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Process for auto-grouping meeting invitees and applying response rules in a digital scheduling system

IP.com Disclosure Number: IPCOM000246497D
Publication Date: 2016-Jun-13
Document File: 3 page(s) / 129K

Publishing Venue

The IP.com Prior Art Database

Abstract

Disclosed is a process that seeks to accelerate the process of specifying operators on a quorum of meeting invitees. Profile metadata associated with invitees is used to infer default settings that optimise and drive behaviours around the process flow of designating attendee status.

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Process for auto-grouping meeting invitees and applying response rules in a digital scheduling system

Disclosed is a process that seeks to accelerate the process of specifying operators on a quorum of meeting invitees.

    When scheduling a meeting it is often necessary to specify that at least 1 of a group of potential attendees must attend. Ie, in a software development environment, a meeting organiser scheduling a meeting to conduct a tech design might require the project manager, the solutions architect, and at least 1 of the 3 user interface developers on the project.

    Currently, this would probably be done either by asking potential attendees to self-organise, or by adding the 3 user interface developers as optional. The first solution doesn't scale well to cross-site teams and is at the mercy of self-organisational skills. The second solution carries the risk that each potential attendee will assume that one of the others will attend, resulting in total non-attendance.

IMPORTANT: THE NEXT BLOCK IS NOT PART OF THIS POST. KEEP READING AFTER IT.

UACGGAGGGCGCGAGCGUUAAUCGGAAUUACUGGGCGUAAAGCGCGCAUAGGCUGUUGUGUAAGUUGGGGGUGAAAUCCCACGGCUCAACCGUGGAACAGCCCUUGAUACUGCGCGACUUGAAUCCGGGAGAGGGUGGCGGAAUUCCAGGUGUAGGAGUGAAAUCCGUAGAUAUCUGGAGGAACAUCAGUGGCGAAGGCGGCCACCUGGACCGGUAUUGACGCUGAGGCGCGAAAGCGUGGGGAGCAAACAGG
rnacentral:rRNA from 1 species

A digital communications solution could be delivered featuring ORing of meeting invitees. If it were, there would be work required for the meeting organiser to specify groups to be OR'd as opposed to those to be AND'd.

    This method uses contact metadata such as job title, department, or location to automatically group invitees into sets that can be assigned operators such as 'at least one of'. In doing so, processes can be initiated such that invitations can be sent out in a series, the next one only being sent if the previous one is declined. Alternatively, an invitee could be changed from 'required' to 'optional' if another contact in their group accepts the invitation, thus satisfying the operator applied to that contact group.

    The end result is that a meeting chair can paste a series of contacts or enter a group alias in order to potentially invite all members of a team to a meeting. If applied, the auto-grouping will assist with inviting the minimum required contacts that fulfil a given criteria, thus minimising the number of attendees, allowing other team members to focus their attention on other tasks.

    Figures 1-3 below illustrate how the user interface could deliver this functionality in a meeting scheduling system.

Fig. 1 - A meeting organiser has added 3 required invitees.


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Fig. 2 - A meeting organiser searches for another invitee.

Fig. 3 - The latest addition is grouped with the other invitee with the same job title and a default operator is assigned to the group.

The following steps capture the process of auto-grouping that would enable a sample emb...